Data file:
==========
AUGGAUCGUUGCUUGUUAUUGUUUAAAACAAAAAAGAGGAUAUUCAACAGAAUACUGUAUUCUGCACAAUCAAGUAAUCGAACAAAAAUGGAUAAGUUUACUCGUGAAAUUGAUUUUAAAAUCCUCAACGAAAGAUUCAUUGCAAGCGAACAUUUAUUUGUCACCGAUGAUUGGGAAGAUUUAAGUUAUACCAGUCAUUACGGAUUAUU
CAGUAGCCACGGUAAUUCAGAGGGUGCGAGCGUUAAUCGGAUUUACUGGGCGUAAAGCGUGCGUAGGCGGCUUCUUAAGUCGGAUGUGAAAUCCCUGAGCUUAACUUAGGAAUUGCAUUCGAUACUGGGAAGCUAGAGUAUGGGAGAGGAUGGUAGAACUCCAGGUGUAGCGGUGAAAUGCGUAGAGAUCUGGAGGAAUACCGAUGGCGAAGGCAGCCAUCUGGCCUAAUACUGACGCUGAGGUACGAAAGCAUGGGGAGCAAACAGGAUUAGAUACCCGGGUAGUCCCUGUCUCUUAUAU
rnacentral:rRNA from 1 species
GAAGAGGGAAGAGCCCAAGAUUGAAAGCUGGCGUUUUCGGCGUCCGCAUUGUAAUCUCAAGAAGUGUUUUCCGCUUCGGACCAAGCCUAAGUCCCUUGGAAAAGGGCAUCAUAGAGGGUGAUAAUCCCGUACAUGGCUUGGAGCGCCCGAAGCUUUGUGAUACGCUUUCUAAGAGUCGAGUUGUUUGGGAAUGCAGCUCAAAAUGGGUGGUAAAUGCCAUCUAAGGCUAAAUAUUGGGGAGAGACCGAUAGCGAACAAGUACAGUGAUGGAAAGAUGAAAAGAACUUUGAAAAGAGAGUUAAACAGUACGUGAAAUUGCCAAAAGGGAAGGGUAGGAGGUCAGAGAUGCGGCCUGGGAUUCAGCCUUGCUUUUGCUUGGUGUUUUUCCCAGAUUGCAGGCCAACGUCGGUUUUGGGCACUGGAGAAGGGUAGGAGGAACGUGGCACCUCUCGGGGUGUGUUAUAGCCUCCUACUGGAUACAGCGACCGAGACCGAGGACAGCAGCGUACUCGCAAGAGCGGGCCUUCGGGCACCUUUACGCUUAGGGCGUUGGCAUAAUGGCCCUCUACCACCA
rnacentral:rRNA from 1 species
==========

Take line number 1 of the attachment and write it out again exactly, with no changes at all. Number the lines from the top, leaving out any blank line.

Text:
AUGGAUCGUUGCUUGUUAUUGUUUAAAACAAAAAAGAGGAUAUUCAACAGAAUACUGUAUUCUGCACAAUCAAGUAAUCGAACAAAAAUGGAUAAGUUUACUCGUGAAAUUGAUUUUAAAAUCCUCAACGAAAGAUUCAUUGCAAGCGAACAUUUAUUUGUCACCGAUGAUUGGGAAGAUUUAAGUUAUACCAGUCAUUACGGAUUAUU